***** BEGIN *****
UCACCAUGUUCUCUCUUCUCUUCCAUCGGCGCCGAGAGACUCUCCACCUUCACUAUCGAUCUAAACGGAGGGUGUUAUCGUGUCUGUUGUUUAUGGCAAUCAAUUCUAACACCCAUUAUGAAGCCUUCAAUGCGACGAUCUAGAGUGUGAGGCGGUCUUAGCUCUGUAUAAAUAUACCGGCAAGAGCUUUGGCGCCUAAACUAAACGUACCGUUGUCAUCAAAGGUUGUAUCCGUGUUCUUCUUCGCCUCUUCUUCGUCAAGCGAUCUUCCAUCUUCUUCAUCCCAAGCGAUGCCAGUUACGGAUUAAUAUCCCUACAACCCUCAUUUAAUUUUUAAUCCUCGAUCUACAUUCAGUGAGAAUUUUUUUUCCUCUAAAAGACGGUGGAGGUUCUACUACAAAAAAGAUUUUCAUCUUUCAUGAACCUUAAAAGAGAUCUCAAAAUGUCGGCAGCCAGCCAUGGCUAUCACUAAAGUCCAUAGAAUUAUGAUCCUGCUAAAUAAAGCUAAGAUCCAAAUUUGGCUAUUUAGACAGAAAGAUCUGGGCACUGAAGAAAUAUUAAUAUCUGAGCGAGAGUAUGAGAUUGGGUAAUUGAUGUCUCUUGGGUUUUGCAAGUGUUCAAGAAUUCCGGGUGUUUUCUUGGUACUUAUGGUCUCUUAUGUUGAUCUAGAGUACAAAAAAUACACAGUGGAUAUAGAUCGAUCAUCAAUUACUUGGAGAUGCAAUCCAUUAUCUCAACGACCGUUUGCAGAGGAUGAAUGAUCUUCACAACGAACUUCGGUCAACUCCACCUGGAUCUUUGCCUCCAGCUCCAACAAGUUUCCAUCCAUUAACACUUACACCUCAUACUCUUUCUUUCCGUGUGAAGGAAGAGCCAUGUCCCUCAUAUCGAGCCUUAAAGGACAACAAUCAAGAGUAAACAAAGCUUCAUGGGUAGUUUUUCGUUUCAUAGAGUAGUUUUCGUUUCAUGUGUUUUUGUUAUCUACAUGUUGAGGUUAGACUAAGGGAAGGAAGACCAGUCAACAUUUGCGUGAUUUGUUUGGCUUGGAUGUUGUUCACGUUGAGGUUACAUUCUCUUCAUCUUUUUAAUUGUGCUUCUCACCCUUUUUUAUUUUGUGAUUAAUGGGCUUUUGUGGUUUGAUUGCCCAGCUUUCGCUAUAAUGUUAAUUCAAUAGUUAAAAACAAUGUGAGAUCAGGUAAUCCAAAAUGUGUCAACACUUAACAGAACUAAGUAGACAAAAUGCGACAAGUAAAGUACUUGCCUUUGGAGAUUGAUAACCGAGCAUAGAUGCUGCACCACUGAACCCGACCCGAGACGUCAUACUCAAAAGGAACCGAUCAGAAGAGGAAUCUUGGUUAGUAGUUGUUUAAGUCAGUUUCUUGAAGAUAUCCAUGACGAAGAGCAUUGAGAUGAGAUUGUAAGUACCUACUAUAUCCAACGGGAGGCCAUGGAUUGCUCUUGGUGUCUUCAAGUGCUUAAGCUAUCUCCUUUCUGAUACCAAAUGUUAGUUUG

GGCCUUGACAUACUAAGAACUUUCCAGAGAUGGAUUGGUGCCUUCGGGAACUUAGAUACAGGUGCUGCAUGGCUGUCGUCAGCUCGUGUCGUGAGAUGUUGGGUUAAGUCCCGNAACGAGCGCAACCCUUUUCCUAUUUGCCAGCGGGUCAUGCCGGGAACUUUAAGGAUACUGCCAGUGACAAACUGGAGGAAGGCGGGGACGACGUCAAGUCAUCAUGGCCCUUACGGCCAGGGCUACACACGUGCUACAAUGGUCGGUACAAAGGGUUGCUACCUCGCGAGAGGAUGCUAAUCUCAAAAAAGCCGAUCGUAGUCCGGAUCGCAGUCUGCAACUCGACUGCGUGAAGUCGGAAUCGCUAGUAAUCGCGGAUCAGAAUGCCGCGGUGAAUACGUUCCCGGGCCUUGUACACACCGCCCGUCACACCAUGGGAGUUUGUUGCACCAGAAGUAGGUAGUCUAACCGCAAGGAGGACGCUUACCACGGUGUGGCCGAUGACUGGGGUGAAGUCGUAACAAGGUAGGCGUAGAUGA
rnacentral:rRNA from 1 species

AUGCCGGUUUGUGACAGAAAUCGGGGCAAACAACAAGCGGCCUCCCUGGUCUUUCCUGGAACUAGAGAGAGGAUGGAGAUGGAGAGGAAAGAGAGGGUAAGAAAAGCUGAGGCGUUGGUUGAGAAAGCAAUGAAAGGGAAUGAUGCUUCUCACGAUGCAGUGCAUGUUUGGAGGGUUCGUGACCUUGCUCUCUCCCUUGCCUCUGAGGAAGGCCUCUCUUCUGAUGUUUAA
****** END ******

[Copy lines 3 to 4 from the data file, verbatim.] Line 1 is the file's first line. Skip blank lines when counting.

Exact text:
rnacentral:rRNA from 1 species

AUGCCGGUUUGUGACAGAAAUCGGGGCAAACAACAAGCGGCCUCCCUGGUCUUUCCUGGAACUAGAGAGAGGAUGGAGAUGGAGAGGAAAGAGAGGGUAAGAAAAGCUGAGGCGUUGGUUGAGAAAGCAAUGAAAGGGAAUGAUGCUUCUCACGAUGCAGUGCAUGUUUGGAGGGUUCGUGACCUUGCUCUCUCCCUUGCCUCUGAGGAAGGCCUCUCUUCUGAUGUUUAA